How does Chemical reactivity of elements change on going from left to right in a period of the periodic table?
Give example in support of your answer.
On moving from left to right in a period of the periodic table, the chemical reactivity of the elements first decreases and then increases.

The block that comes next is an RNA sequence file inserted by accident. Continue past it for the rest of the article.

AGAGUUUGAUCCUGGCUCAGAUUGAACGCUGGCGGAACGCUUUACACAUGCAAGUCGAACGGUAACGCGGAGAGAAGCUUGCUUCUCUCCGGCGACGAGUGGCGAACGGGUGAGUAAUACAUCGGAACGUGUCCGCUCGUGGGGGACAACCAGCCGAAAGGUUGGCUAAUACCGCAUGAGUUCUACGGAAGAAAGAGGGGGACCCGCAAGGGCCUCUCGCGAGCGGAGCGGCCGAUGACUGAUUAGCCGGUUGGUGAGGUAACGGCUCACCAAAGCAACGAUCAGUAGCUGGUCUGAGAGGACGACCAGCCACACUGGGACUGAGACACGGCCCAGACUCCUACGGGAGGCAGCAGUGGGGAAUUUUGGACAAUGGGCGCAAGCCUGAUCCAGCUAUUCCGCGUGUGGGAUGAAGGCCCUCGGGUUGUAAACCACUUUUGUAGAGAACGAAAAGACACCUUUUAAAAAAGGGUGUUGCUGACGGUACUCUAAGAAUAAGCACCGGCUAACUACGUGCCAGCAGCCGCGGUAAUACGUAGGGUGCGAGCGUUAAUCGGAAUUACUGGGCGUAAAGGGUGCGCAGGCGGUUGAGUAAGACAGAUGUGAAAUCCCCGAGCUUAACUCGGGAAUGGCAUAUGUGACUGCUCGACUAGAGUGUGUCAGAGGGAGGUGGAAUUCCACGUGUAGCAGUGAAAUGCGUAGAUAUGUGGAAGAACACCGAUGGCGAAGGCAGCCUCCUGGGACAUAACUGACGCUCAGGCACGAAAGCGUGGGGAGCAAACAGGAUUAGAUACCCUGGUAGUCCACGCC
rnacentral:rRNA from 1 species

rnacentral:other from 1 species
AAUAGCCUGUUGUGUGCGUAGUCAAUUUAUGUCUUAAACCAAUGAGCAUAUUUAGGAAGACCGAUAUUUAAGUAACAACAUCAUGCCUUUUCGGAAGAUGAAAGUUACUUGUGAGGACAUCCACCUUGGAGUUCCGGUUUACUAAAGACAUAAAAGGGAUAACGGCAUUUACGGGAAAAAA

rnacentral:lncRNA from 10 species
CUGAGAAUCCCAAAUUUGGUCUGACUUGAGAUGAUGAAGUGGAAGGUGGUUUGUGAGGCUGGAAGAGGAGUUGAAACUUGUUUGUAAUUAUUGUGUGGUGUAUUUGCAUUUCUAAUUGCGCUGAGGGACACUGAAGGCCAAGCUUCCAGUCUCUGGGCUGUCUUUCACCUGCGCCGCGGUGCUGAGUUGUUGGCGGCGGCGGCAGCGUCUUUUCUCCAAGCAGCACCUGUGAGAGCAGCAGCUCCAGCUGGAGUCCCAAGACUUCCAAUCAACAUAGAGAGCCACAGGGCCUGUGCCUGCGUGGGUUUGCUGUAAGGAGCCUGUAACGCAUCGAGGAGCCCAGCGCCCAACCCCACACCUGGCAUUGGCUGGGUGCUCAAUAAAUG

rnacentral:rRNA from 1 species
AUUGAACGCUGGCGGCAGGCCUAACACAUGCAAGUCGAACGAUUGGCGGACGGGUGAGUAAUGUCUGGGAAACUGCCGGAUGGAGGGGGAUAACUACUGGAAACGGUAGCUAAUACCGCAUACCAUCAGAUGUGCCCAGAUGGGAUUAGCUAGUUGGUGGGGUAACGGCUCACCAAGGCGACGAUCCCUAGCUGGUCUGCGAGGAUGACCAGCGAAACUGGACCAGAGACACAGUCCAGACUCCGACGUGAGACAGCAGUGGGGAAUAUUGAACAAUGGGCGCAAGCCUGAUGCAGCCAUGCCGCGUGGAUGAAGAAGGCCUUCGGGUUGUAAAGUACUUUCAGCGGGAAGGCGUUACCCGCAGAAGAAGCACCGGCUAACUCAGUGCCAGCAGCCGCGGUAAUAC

For example, in the third period elements comprising of Na, Mg, Al, Si, P, S and Cl, sodium (Na) is very reactive as it has one valence electron, and can therefore, lose its electron easily. The chemical reactivity gradually decreases as we go to aluminium (Al) and silicon (Si). This is because the number of valence electrons increases, making it difficult to lose electrons. Moving further right in the period towards non-metals, the chemical reactivity again gradually increases. Phosphorus (P) has 5 valence electrons and needs 3 electrons to complete its octet. Sulphur (S) has 6 valence electrons and needs 2 more electrons to complete its octet. Chlorine (Cl) has 7 valence electrons and needs only one more electron to complete its octet. As chlorine can easily accept an electron as compared to phosphorus and sulphur, the chemical reactivity increases from phosphorus to chlorine.